Computer Wars: How the West Can Win in a Post-IBM World

Computer Wars: How the West Can Win in a Post-IBM World

by Charles H. Ferguson, Charles R. Morris
     
 

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Reveals how the leading computer firms in both the U.S. & Japan lost golden opportunities to dominate the industry & how the battle is being waged successfully today by smaller companies like Microsoft & Intel. The cautiously optimistic message is that American market share in most critical areas has stabilized & that Western firms now have the opportunity to take

Overview

Reveals how the leading computer firms in both the U.S. & Japan lost golden opportunities to dominate the industry & how the battle is being waged successfully today by smaller companies like Microsoft & Intel. The cautiously optimistic message is that American market share in most critical areas has stabilized & that Western firms now have the opportunity to take back the lead — but not without new government policies & new company strategies. A masterful overview of the computer industry, with bold advice for ambitious companies. The analysis is penetrating, but it reads like a detective story.

Editorial Reviews

Publishers Weekly - Publisher's Weekly
Reading more like a consultant's report than a popular narrative, this densely written analysis suggests that small, maverick companies, rather than giants, have the best chance to lead the computer business. At first, Morris ( The Coming Global Boom ) and computer consultant Ferguson draw on anonymous, inside sources to chronicle the decline of IBM, blaming mainly the corporation's managers but also trade barriers raised by both the U.S. and Japan. Then the authors look more broadly at the industry. Noting America's edge in innovation and software, and Asian advantages in manufacturing, they suggest that the battle will be over ``architectures''--the standards that define computer networks--and explore business strategies to control those standards. Only in the final chapters do Ferguson and Morris address industrial policy: they propose a ``pro-technology policy agenda'' that supports basic research and intervenes to prevent other countries from establishing cartels over crucial components. Even more important to industrial growth, the authors note, is a reordering of federal spending in areas such as health care. Author tour. (Feb.)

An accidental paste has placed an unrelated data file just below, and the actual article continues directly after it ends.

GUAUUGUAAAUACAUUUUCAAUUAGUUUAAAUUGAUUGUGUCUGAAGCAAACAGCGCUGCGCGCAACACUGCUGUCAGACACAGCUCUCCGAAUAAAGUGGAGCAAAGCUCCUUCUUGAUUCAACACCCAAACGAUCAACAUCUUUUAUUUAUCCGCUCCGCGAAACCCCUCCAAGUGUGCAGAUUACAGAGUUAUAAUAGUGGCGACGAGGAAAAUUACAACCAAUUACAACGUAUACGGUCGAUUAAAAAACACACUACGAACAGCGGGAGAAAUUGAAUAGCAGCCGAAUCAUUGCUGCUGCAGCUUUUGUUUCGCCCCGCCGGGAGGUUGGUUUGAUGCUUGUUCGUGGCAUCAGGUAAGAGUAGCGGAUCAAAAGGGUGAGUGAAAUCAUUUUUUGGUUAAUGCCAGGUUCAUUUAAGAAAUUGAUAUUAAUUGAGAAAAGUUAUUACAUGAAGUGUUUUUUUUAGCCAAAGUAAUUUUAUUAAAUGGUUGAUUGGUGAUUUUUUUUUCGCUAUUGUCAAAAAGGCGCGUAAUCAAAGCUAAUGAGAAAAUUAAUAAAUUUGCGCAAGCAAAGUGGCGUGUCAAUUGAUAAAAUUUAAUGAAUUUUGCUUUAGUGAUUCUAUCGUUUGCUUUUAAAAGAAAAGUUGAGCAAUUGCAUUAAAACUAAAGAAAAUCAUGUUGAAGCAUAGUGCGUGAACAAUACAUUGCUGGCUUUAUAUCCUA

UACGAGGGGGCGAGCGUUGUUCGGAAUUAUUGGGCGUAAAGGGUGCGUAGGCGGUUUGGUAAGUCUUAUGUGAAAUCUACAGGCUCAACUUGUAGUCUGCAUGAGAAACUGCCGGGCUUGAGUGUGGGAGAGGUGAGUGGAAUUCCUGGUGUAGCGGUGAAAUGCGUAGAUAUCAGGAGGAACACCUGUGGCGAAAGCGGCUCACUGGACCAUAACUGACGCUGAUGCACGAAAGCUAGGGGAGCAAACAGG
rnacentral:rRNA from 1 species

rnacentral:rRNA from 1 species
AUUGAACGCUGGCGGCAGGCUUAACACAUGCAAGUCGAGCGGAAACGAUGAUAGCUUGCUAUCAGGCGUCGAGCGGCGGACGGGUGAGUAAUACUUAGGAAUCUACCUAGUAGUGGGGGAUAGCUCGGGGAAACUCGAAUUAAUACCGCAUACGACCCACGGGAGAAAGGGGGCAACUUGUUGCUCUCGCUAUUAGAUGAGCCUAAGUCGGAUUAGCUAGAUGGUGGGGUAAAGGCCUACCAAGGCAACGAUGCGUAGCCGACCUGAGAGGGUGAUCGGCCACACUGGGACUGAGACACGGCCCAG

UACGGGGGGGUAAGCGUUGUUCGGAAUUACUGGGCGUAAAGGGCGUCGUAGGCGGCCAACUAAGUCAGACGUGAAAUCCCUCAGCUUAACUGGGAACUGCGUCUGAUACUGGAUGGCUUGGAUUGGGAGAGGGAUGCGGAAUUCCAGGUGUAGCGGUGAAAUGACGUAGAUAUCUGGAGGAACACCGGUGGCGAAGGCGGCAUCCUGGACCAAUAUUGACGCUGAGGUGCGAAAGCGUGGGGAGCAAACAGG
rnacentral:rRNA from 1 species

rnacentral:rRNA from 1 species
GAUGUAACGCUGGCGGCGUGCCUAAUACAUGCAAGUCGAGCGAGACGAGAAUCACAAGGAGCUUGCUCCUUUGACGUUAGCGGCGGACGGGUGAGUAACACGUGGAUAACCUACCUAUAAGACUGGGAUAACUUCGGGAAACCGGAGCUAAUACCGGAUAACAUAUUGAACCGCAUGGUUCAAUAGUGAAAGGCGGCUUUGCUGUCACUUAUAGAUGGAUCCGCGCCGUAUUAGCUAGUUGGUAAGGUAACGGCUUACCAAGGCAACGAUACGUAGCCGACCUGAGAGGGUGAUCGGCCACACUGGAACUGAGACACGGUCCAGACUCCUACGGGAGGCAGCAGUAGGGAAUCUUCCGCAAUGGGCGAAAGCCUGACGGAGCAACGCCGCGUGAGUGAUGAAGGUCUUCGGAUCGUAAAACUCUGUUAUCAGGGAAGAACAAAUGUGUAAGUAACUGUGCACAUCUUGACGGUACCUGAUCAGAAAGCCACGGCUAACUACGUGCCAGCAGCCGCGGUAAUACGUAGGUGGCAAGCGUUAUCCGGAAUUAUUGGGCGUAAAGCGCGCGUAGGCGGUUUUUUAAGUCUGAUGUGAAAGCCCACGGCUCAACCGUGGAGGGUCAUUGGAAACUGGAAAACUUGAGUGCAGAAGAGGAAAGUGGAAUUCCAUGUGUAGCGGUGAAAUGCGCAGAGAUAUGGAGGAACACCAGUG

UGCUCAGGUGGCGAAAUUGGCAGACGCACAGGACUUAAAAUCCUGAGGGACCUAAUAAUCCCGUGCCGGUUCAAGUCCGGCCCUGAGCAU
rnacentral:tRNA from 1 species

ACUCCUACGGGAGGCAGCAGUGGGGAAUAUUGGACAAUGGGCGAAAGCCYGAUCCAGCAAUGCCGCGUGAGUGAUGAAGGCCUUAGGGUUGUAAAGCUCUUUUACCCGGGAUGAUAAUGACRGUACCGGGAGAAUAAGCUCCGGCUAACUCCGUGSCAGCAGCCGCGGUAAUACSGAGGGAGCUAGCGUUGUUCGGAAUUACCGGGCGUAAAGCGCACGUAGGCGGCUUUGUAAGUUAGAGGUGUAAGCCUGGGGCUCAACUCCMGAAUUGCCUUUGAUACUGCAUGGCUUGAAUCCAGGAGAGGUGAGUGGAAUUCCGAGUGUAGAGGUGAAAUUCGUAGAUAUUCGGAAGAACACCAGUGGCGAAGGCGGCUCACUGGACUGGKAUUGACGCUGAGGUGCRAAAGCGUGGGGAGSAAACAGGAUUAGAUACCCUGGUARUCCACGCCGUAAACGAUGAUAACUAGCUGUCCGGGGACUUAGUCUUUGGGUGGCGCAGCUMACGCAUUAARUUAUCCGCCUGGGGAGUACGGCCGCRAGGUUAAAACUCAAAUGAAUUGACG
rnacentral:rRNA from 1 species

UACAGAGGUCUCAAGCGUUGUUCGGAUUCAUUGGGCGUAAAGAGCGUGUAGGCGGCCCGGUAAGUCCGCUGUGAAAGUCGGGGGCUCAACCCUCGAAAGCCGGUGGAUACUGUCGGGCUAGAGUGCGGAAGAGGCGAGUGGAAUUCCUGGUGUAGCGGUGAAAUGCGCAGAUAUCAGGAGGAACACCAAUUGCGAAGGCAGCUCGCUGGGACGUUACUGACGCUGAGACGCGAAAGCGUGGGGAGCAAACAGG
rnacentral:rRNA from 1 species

Library Journal
Ferguson, a computer analyst, and Morris, an economist, paint a cautiously optimistic picture of America's potential to reclaim its leading market share in the area of technology. They begin by chronicling IBM's rise to dominance in the industry and its dramatically accelerating decline. Next, they analyze the ingenuity and strategies of smaller American companies that constitute the force necessary to win the computer wars without IBM; they delineate the essential rules for future success. Finally, the authors outline political implications and emerging opportunities for Western firms in consumer electronics. Other topics of discussion: the impact of government policy, the prospects and problems facing companies, and the effect of the computer wars on every citizen. A superb blueprint that will intrigue an informed audience.-- Joe Accardi, Northeastern Illinois Univ. Lib., Chicago

Product Details

ISBN-13:
9781587981395
Publisher:
Beard Books, Incorporated
Publication date:
10/01/2002
Pages:
288
Product dimensions:
6.03(w) x 9.04(h) x 0.70(d)

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